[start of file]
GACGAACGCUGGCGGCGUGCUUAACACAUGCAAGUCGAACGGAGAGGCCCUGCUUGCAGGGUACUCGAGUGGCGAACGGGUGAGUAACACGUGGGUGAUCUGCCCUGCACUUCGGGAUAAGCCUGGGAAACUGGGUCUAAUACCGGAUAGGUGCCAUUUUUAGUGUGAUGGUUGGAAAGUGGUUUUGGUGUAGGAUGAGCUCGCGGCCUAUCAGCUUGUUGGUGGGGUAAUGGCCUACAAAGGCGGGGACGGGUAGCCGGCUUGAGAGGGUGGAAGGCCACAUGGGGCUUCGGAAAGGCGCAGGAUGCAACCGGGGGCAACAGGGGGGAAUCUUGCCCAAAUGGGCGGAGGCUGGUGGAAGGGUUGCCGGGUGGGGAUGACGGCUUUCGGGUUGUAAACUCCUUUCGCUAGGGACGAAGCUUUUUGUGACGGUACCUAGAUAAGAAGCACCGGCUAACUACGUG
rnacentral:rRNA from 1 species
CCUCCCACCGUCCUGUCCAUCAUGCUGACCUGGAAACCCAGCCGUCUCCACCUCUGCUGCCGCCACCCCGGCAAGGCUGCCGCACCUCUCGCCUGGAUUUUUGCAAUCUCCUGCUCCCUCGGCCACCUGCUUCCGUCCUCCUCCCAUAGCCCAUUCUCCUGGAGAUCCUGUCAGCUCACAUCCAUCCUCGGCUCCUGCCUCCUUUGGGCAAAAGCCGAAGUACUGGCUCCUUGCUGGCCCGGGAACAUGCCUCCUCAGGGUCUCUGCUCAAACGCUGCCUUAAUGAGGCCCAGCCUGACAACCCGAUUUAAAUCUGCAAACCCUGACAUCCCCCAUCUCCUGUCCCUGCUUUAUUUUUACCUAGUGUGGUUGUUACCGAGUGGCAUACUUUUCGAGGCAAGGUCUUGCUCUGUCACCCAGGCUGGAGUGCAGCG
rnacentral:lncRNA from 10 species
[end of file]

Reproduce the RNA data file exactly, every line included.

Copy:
GACGAACGCUGGCGGCGUGCUUAACACAUGCAAGUCGAACGGAGAGGCCCUGCUUGCAGGGUACUCGAGUGGCGAACGGGUGAGUAACACGUGGGUGAUCUGCCCUGCACUUCGGGAUAAGCCUGGGAAACUGGGUCUAAUACCGGAUAGGUGCCAUUUUUAGUGUGAUGGUUGGAAAGUGGUUUUGGUGUAGGAUGAGCUCGCGGCCUAUCAGCUUGUUGGUGGGGUAAUGGCCUACAAAGGCGGGGACGGGUAGCCGGCUUGAGAGGGUGGAAGGCCACAUGGGGCUUCGGAAAGGCGCAGGAUGCAACCGGGGGCAACAGGGGGGAAUCUUGCCCAAAUGGGCGGAGGCUGGUGGAAGGGUUGCCGGGUGGGGAUGACGGCUUUCGGGUUGUAAACUCCUUUCGCUAGGGACGAAGCUUUUUGUGACGGUACCUAGAUAAGAAGCACCGGCUAACUACGUG
rnacentral:rRNA from 1 species
CCUCCCACCGUCCUGUCCAUCAUGCUGACCUGGAAACCCAGCCGUCUCCACCUCUGCUGCCGCCACCCCGGCAAGGCUGCCGCACCUCUCGCCUGGAUUUUUGCAAUCUCCUGCUCCCUCGGCCACCUGCUUCCGUCCUCCUCCCAUAGCCCAUUCUCCUGGAGAUCCUGUCAGCUCACAUCCAUCCUCGGCUCCUGCCUCCUUUGGGCAAAAGCCGAAGUACUGGCUCCUUGCUGGCCCGGGAACAUGCCUCCUCAGGGUCUCUGCUCAAACGCUGCCUUAAUGAGGCCCAGCCUGACAACCCGAUUUAAAUCUGCAAACCCUGACAUCCCCCAUCUCCUGUCCCUGCUUUAUUUUUACCUAGUGUGGUUGUUACCGAGUGGCAUACUUUUCGAGGCAAGGUCUUGCUCUGUCACCCAGGCUGGAGUGCAGCG
rnacentral:lncRNA from 10 species